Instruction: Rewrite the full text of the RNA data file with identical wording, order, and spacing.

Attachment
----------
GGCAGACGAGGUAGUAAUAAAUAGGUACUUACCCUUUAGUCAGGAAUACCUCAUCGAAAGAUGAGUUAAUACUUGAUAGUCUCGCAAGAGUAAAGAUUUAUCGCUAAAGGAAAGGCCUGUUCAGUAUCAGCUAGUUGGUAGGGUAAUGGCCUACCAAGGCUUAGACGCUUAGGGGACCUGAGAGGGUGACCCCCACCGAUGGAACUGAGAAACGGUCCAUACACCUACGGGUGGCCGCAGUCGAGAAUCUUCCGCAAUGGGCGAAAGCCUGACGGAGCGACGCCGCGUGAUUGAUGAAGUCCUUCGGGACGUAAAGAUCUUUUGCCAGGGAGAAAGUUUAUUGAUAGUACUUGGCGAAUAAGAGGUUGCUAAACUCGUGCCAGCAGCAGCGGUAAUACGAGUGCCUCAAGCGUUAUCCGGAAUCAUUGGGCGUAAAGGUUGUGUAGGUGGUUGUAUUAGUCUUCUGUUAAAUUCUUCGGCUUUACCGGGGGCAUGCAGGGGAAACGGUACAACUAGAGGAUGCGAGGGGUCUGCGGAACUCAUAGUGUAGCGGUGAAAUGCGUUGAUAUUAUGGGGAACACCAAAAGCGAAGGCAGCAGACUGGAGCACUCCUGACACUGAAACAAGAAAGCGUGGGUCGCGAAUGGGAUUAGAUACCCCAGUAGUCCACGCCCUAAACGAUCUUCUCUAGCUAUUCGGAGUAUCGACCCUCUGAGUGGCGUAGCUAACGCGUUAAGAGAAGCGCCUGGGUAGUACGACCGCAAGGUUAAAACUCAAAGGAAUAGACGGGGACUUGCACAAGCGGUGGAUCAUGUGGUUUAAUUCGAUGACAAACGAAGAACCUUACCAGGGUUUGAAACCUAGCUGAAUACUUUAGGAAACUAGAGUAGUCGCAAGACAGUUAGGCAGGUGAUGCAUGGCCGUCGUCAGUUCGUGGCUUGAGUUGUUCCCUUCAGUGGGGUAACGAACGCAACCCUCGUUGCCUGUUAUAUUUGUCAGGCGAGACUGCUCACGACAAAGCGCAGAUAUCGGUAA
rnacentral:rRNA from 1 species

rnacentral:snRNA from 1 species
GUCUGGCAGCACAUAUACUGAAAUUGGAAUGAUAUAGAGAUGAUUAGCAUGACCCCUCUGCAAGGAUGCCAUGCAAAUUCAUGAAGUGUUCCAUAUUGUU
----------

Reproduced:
GGCAGACGAGGUAGUAAUAAAUAGGUACUUACCCUUUAGUCAGGAAUACCUCAUCGAAAGAUGAGUUAAUACUUGAUAGUCUCGCAAGAGUAAAGAUUUAUCGCUAAAGGAAAGGCCUGUUCAGUAUCAGCUAGUUGGUAGGGUAAUGGCCUACCAAGGCUUAGACGCUUAGGGGACCUGAGAGGGUGACCCCCACCGAUGGAACUGAGAAACGGUCCAUACACCUACGGGUGGCCGCAGUCGAGAAUCUUCCGCAAUGGGCGAAAGCCUGACGGAGCGACGCCGCGUGAUUGAUGAAGUCCUUCGGGACGUAAAGAUCUUUUGCCAGGGAGAAAGUUUAUUGAUAGUACUUGGCGAAUAAGAGGUUGCUAAACUCGUGCCAGCAGCAGCGGUAAUACGAGUGCCUCAAGCGUUAUCCGGAAUCAUUGGGCGUAAAGGUUGUGUAGGUGGUUGUAUUAGUCUUCUGUUAAAUUCUUCGGCUUUACCGGGGGCAUGCAGGGGAAACGGUACAACUAGAGGAUGCGAGGGGUCUGCGGAACUCAUAGUGUAGCGGUGAAAUGCGUUGAUAUUAUGGGGAACACCAAAAGCGAAGGCAGCAGACUGGAGCACUCCUGACACUGAAACAAGAAAGCGUGGGUCGCGAAUGGGAUUAGAUACCCCAGUAGUCCACGCCCUAAACGAUCUUCUCUAGCUAUUCGGAGUAUCGACCCUCUGAGUGGCGUAGCUAACGCGUUAAGAGAAGCGCCUGGGUAGUACGACCGCAAGGUUAAAACUCAAAGGAAUAGACGGGGACUUGCACAAGCGGUGGAUCAUGUGGUUUAAUUCGAUGACAAACGAAGAACCUUACCAGGGUUUGAAACCUAGCUGAAUACUUUAGGAAACUAGAGUAGUCGCAAGACAGUUAGGCAGGUGAUGCAUGGCCGUCGUCAGUUCGUGGCUUGAGUUGUUCCCUUCAGUGGGGUAACGAACGCAACCCUCGUUGCCUGUUAUAUUUGUCAGGCGAGACUGCUCACGACAAAGCGCAGAUAUCGGUAA
rnacentral:rRNA from 1 species

rnacentral:snRNA from 1 species
GUCUGGCAGCACAUAUACUGAAAUUGGAAUGAUAUAGAGAUGAUUAGCAUGACCCCUCUGCAAGGAUGCCAUGCAAAUUCAUGAAGUGUUCCAUAUUGUU